Shivani Dharanipragada ‘25, is a computer science and economics major and was a 2022-23 environmental ethics fellow with the Markkula Center for Applied Ethics. Views are her own.
As Earth’s climate takes a turn for the worse, scientists are researching new methods to potentially slow the advancement of climate change. One of these methods is geoengineering: intentionally engineering the Earth’s climate in order to slow or stop global warming.
There are many ideas that have been proposed as potential solutions: stratospheric particle injection, marine cloud brightening, space reflectors, desert modification, large-scale direct air capture, enhanced rooftop reflectivity, the list goes on and on. To read more about proposals for climate engineering, click here . These implementations could work, in theory, however, these climate-altering technologies must be implemented in reality and on a global-scale in order to change the climate. Yet much of the research done on climate engineering is theoretical and small-scale, with “little experimental work and limited geographic diversity” . So, could they be effective? On some level, that’s unknown. However, even if they were, the better question is: are they practically implementable? In this article, “practically implementable” is defined as something that would be cost-effective and politically acceptable. Thus, here we will consider the efficacy, economics, and politics of these technologies.
I. Cost - Effectiveness
Could climate engineering effectively counteract global warming? And how much would it cost? Cost and efficacy are two factors that a successful business model prioritizes above all. Realistically, most governments (the most likely organizations to implement climate engineering) will also prioritize these elements.
So, is climate engineering cost-effective? The answer is that it depends, at least according to a study by Michael Zürn and Stefan Schäfer, which measured climate engineering’s efficacy by its capability to lower global mean temperatures “as a single measure in a relatively short period of time” . For example, some proposed climate engineering methods are too weak to fully address the problem, e.g., Oxford University’s Frankie Buckingham suggests that enhanced weathering would not work on its own . Many are just too expensive to implement at scale, such as space mirrors, global afforestation, global desert modification, and global ocean fertilization . Large-scale afforestation, for example, could cost up to 393 billion USD per year in order to abate 6.0 gigatonnes of carbon dioxide per year by 2055, which would only result in “10% of the level of mitigation needed to limit global warming to 1.5 °C by … mid-century” . In the end of the elimination process, the study found only three technologies could be considered highly efficient and not too costly: stratospheric particle injection, marine cloud brightening, and large-scale direct air capture .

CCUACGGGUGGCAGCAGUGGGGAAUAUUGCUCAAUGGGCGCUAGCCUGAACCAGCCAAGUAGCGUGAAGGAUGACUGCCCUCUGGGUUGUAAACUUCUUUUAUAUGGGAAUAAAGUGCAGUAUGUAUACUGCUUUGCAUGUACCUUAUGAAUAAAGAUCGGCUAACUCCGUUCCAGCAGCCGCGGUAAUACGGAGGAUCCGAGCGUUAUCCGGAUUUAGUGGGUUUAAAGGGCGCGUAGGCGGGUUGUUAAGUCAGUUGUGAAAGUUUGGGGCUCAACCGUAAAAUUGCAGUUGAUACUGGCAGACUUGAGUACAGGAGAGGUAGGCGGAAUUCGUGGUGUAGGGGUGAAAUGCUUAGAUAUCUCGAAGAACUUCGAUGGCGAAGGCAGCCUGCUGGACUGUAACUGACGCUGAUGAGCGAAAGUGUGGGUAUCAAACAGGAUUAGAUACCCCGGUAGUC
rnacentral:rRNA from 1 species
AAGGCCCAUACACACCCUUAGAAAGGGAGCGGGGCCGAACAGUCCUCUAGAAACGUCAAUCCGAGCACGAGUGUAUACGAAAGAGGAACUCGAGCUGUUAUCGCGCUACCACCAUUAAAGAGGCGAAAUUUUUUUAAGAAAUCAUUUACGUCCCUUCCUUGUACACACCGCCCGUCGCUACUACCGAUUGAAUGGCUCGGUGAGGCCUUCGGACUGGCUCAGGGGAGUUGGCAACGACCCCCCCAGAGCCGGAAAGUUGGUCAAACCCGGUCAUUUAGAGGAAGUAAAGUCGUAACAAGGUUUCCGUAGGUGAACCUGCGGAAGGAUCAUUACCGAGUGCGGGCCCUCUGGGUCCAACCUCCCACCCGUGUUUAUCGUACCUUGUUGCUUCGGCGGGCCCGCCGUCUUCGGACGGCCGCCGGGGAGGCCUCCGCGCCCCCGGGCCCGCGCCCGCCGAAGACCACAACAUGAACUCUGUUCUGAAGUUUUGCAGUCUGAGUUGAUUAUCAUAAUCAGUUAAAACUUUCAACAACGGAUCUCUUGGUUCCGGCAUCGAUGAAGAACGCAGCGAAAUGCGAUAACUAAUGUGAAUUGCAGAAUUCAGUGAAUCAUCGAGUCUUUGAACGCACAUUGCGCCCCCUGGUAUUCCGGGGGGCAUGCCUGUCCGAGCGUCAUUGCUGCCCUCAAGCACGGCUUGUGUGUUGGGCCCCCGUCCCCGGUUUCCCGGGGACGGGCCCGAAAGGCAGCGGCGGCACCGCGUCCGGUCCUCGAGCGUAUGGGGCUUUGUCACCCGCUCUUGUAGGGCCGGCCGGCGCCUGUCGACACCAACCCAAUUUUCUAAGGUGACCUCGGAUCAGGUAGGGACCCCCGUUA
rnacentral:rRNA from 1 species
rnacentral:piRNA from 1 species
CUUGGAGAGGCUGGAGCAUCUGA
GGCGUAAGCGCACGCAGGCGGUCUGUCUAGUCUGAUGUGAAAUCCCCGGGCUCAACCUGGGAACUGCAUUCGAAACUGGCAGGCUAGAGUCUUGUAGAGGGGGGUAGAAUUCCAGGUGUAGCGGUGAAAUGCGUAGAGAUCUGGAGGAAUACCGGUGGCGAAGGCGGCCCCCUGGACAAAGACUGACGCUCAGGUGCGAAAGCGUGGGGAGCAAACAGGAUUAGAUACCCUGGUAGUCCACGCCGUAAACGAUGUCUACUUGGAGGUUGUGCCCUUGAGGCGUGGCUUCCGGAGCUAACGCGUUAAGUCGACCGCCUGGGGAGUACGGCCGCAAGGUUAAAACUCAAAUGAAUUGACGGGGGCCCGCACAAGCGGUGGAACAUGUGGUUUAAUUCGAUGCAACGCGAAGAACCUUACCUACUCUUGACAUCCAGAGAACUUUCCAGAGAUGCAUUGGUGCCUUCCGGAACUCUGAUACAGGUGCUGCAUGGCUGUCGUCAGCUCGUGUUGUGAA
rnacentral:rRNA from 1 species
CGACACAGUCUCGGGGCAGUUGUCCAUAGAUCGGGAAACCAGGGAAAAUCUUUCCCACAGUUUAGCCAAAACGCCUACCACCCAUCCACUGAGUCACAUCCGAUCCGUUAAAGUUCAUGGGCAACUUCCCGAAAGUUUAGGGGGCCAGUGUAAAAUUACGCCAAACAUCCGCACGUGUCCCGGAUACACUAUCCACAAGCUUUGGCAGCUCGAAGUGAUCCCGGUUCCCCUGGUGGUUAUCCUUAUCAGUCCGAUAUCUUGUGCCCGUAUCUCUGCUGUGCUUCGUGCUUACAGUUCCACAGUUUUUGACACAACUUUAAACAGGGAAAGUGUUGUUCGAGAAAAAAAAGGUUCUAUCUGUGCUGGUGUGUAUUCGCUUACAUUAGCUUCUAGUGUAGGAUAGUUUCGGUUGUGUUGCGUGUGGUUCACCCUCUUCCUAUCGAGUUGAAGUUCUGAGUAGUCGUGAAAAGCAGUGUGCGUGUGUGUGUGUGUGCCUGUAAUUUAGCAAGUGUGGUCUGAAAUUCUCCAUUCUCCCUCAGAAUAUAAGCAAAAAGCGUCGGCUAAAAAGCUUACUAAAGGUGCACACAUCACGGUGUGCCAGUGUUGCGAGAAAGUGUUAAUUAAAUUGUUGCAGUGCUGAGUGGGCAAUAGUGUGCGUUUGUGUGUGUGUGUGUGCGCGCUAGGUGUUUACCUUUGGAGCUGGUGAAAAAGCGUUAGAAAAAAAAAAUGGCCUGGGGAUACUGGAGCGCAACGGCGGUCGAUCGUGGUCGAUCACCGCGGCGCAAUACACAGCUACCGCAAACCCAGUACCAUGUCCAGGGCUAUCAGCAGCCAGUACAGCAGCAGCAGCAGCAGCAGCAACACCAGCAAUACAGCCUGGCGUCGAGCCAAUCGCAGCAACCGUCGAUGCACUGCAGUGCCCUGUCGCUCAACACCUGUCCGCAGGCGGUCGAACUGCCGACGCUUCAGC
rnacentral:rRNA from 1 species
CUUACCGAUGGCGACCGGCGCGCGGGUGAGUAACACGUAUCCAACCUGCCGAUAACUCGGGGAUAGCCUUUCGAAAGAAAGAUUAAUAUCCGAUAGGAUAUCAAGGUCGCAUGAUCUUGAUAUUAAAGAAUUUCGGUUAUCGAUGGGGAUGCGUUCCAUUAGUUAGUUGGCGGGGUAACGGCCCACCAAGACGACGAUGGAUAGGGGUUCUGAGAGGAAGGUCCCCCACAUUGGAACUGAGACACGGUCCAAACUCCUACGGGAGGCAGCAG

II. Socio-Political Effects
Cost-effectiveness is important, but it isn’t the only thing governments should consider when engineering the climate. They must also consider the socio-political consequences of any implementations. Governments must consider two big questions:
- Where are these technologies going to be implemented?
- Who experiences the side effects of these technologies?
Let’s look at the first question. When considering where to implement a technology, governments must first consider whether a technology could be centrally implemented. A centralized implementation is easier, requiring fewer involved parties. A decentralized implementation could become very complex – if many countries have to independently execute the technology, the coordination and unity between these independent executors could cause problems (although this is not necessarily the case – many examples, such as air traffic standards, international treaties for coordination, etc. exist to prove the contrary). For example, large-scale direct air capture would require a decentralized implementation, as multiple countries would have to engage in direct air capture independently. 
A technology could also be implemented in an international common space. A “common space” refers to places where no national sovereignty exists, such as international waters, Antarctica, non-territorial airspace, or outer space. Implementations in “common spaces” are problematic, as technically no one has claim to that area, and technologies in such spaces affect the use of that common space for everyone. Both marine cloud brightening (MCB) and stratospheric particle injection (specifically high-altitude SPI), while technically centrally implementable as only one country would have to execute the technology, would involve the use of common space.  Further, for these centrally-implementable technologies, the burden would be unequal. Countries with access to oceans would have to take on more cost and responsibilities as opposed to countries without such access.
Governments then have to add on the question of who experiences the side effects of these technologies. Relative to a country, there are two options: the country itself, or everyone (global). Global effects, obviously, are problematic socio-politically. If one country implements a technology to benefit itself, and that technology adversely affects others not involved, it will likely cause an international incident.